The Treatment of Neck and Low Back Pain: Who Seeks Care? Who Goes Where?
Neck and low back pain are leading causes of morbidity and health care utilization. However, little is known about the characteristics that differentiate those who seek from those who do not seek health care for their pain.Objectives.
The objectives of this study were to: 1) describe health care utilization for neck and back pain; 2) determine the characteristics of individuals seeking health care for neck and back pain; and 3) identify the characteristics of patients who consult medical doctors, chiropractors, or both.Design.
Population-based cross-sectional mailed survey.Subjects.
Subjects were randomly selected adults from the Saskatchewan Health Insurance and Registration File.Measures.
Demographic, socio-economic, general health, comorbidity, health-related-quality-of-life, pain severity and health care utilization data were collected. The main outcome was whether subjects with prevalent neck or low back pain visited a health care provider in the previous month.Results.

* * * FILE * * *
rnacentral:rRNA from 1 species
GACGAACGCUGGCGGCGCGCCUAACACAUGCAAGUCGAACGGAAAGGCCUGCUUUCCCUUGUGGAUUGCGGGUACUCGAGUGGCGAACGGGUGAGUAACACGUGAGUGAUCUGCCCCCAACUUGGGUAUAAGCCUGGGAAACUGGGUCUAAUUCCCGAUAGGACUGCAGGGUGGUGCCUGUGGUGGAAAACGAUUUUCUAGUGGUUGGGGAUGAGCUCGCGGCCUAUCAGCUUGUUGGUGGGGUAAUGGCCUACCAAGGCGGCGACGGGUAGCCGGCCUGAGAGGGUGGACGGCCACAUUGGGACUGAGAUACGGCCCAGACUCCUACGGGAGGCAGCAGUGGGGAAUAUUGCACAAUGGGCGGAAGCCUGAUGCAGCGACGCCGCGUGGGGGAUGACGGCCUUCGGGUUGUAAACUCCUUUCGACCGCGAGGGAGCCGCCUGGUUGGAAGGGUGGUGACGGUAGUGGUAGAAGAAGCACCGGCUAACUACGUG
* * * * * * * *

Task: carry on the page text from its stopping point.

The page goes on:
Twenty-five percent of individuals with neck or low back pain visited a health care provider. Seeking health care was associated with disabling neck or back pain, digestive disorders, worse bodily pain and worse physical-role-functioning. Compared with medical patients, fewer chiropractic patients lived in rural areas or reported arthritis, but they reported better social and physical functioning. More patients consulting both providers reported disabling neck or back pain.Conclusions.
Individuals seeking care for neck or back pain have worse health status than those who do not seek care. Patients consulting chiropractors alone report fewer comorbidities and are less limited in their activities than those consulting medical doctors.